I'm trying to understand a proof for the following problem:

If $\sum_{n=0}^{\infty} a_n$ is absolutely convergent and $\lim b_n=0$, take $c_n=a_0 b_n + a_1 b_{n-1} + \cdots + a_n b_0$ and prove that $\lim c_n=0$.

The proof I'm trying to understand follows:

Take $|b_n| \leq B$ for all $n \geq 0$ and $\sum |a_n|=A$. Given an $\varepsilon>0$, there is a $n_0 \in \mathbb{N}$ such that $n \geq n_0 \Rightarrow |b_n|< \varepsilon/2A$ and $|a_n| + |a_{n+1}|+ \cdots < \varepsilon/2B$. So $n>2n_0 \Rightarrow$

$$|c_n|=|a_0 b_n + \cdots + a_{n_0} b_{n-n_0}+a_{n_0+1}b_{n-n_0-1}+\cdots+a_n b_0|$$

$$\leq (|a_0|+\cdots+|a_{n_0}|)\frac{\varepsilon}{2A}+(|a_{n_0+1}|+\cdots+|a_n|)\cdot B$$


Therefore, $\lim c_n = 0$.

The part that I don't understand is where it states that $|a_n| + |a_{n+1}|+ \cdots < \varepsilon/2B$. How can it be true if this series can converge to any positive value and I can pick smaller and smaller $\varepsilon$'s (and I can also pick bigger and bigger B's) which would make $|a_n| + |a_{n+1}|+ \cdots > \varepsilon/2B$. I know I must be getting something wrong out of this detail, so any help for me to understand it would be much appreciated.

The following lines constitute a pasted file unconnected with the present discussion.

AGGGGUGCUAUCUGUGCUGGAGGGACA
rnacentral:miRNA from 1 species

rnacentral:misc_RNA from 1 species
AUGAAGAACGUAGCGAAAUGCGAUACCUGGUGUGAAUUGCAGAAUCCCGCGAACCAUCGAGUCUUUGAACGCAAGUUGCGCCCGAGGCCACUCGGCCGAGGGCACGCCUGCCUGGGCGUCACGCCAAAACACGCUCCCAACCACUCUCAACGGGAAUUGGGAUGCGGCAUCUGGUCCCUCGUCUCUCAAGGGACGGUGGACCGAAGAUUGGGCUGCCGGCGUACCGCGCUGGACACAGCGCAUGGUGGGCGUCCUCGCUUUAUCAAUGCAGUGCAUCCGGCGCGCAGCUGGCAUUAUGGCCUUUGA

• $\begingroup$ hm, at the end all must be lower than $\epsilon>0$ $\endgroup$ – Dr. Sonnhard Graubner Jun 29 '17 at 16:57

If you make $\epsilon$ smaller or $B$ bigger, the $n_0$ will be bigger as well. For each value of $\frac{\epsilon}{2B}$ there exists a $n_0$, this is not necessarily the same for each $\frac{\epsilon}{2B}$. So the important part is that the subscripts in $|a_n| + |a_{n + 1}| + ...$ are not fixed.


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